Snoring is a common occurrence among older adults. While it seems like a harmless, albeit annoying occurrence, it can often be a symptom that indicates a much larger problem in your body. You become more likely to snore more often as you age, making it important to learn about the correlation between aging and snoring.
What Causes Snoring?
Despite how common snoring is, most people don’t know what causes snoring. Many of those who snore constantly don’t even know the cause of their snoring in the first place.
The action of snoring is usually caused by your airway being restricted, which could be due to various possible reasons. This causes the tissues in your mouth (soft palate, tonsils, adenoids, tongue) to vibrate, letting out the oh-so-familiar rumbling sound of a snore. Numerous conditions lead to blocked airflow, including:
- Excess alcohol consumption
- Certain medications
- A sleeping posture that narrows the airway
- Nasal congestion, which can be due to allergies or a cold
- A large tongue
Not only can snoring be a nuisance or an embarrassment when sleeping in the same bed as a loved one, but chronic snoring can also indicate an underlying health issue:
Obstructive Sleep Apnea (OSA)
One sleep disorder snoring can imply is obstructive sleep apnea (OSA). Obstructive sleep apnea is a sleep disorder that occurs when your throat muscles relax, blocking your airway. This causes not just snoring, but also difficulties in breathing in your sleep. This blockage of your airflow can alert your body to awaken, suddenly disturbing you from your slumber. This disrupts any restful sleep you get, and multiple times a night at that.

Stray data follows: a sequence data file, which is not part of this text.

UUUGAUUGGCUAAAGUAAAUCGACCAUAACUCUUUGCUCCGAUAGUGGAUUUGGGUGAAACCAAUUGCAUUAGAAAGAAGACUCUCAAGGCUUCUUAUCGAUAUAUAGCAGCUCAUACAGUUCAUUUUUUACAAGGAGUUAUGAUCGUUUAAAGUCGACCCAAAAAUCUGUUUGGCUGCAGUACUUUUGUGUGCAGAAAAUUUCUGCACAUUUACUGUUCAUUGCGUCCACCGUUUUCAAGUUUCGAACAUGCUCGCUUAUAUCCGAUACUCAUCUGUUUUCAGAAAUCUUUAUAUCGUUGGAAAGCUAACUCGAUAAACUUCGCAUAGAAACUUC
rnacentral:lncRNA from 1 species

Symptoms of obstructive sleep apnea include:
- Loud snoring
- Frequent sleepiness in the daytime
- Waking up gasping or choking
- Experiencing a dry mouth, headache, or sore throat in the morning after waking up
Other variations of this condition exist as well, such as central sleep apnea (CSA). This condition, while due to a different cause, leads to the same blocked airflow and rude awakenings. Furthermore, it’s possible to have both conditions at the same time, causing a patient to have complex sleep apnea syndrome.
How Do You Cure Snoring?
There are both surgical and non-surgical methods of treating chronic snoring for those trying to improve their sleep health. Non-surgical methods involve making lifestyle changes that can improve your airflow. Such actions include quitting smoking, losing weight, increasing the amount of exercise you have, and changing your sleeping posture. If your snoring problem is rooted in nasal congestion, you can take medications or use nasal strips as a quick remedy.
For more serious cases of snoring or sleep disorders that cause snoring, you can opt for a minimally invasive surgical treatment. There are various options to consider, so do consult with your doctor to understand which procedure suits your needs best.
Pursue Your Health Goals at GreenTree At Westwood!
Sleep is just one way of becoming more involved with your health as an older adult. Our retirement community at GreenTree At Westwood’s Dimensions Health and Fitness senior living program ensures that every aspect of your health doesn’t go neglected!